In the first type, a country provides universal healthcare based on a single risk pool, of which all eligible people are members, and funds its system through general taxes. Usually, in this kind of system, healthcare is provided by publicly owned facilities. The NHS in the UK is a good example of this strategy.
In the second type of system, a government provides healthcare to its nationals via mostly private providers, and funds the system through payroll taxes. The government essentially pays for private healthcare on behalf of its citizens. There are usually a few different risk pools, which means that different classes of citizens pay differently and possibly also receive different treatment. The German system works according to these principles.
At the moment, a majority of developing countries have public health systems that use multiple risk pools, but the current trend is definitely towards broader and larger risk pools. Many feel that consolidating pools mean lower administrative costs and less fragmented and possibly unequal treatment. The general consensus is that bringing everyone into one pool can make healthcare more equitable because everyone is entitled to the same set of benefits.
The role of the private healthcare industry varies, but in a majority of developing nations, private services are incorporated into their systems, with the state buying private care for their citizens when the public services cannot provide the necessary treatment.
This would be the best system from the perspective of the patient, as excluding the private sector from a universal healthcare system generally produces double standards, where the poor go to publicly funded facilities and receive basic care, while the rich can afford the very best treatment in private hospitals and clinics.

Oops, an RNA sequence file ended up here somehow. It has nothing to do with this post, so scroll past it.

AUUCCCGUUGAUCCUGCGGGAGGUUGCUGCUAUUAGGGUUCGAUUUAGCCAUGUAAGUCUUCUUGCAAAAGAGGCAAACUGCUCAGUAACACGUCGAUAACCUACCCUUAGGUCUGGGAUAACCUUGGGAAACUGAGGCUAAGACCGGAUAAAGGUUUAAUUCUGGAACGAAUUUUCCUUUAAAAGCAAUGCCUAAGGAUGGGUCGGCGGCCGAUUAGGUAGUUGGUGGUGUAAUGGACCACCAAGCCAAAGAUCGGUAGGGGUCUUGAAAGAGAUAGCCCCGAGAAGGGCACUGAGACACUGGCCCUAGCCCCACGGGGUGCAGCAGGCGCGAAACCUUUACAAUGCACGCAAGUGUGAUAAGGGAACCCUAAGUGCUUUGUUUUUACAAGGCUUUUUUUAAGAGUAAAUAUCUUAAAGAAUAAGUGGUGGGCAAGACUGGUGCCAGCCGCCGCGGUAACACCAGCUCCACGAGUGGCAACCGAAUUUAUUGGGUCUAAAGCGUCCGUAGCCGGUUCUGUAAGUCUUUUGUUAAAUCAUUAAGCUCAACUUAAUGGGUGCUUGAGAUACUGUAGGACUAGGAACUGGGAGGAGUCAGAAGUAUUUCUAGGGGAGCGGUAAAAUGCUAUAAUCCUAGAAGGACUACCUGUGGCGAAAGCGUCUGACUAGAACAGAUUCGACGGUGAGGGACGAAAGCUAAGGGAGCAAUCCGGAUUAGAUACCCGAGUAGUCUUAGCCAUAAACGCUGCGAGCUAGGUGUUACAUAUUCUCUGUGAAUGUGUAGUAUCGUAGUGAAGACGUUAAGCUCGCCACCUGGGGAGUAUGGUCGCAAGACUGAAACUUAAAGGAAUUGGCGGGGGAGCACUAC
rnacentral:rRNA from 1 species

Developing nations have a their work cut out for them, but at the same time they have a huge advantage with "greenfield" development opportunities - unhindered by archaic and inefficient systems, and generally, a public healthcare system which can only really improve.
Of course, the biggest concern when talking about health services anywhere in the world revolves around finances. Many countries remain uncertain as to how to finance universal health coverage. Medical services have an amazing capacity to consume budgets, and universal coverage seems to be simply unaffordable to many.
Pre-paid schemes such as health insurance, provide one solution to this problem. The WHO hold the view that health insurance and other prepaid health financing mechanisms, are a key route to universal coverage. Every year, out-of-pocket payments force millions of people into poverty. Larger risk pools, combined with a larger percentage of the population contributing to a healthcare fund, would make it affordable for most developing countries to extend a basic standard of care to all their citizens, and even provide subsidies for more advanced services at private facilities on a more limited basis. Increasing taxes or funneling revenue from national resources like oil or minerals for the specific purpose of providing improved healthcare is not a hard sell, as long as citizens eventually feel they get what they pay for. Not all countries will be able to start with a full range of medical services, but getting the ball rolling through pilot programs and incremental extension of public healthcare will mean that they can grow their systems in a controlled fashion, experimenting with new solutions and strategies as they go. Assuming that health ministers can keep their departments on course and free from the ubiquitous bureaucracy, the goals of universal health coverage might just be within their reach.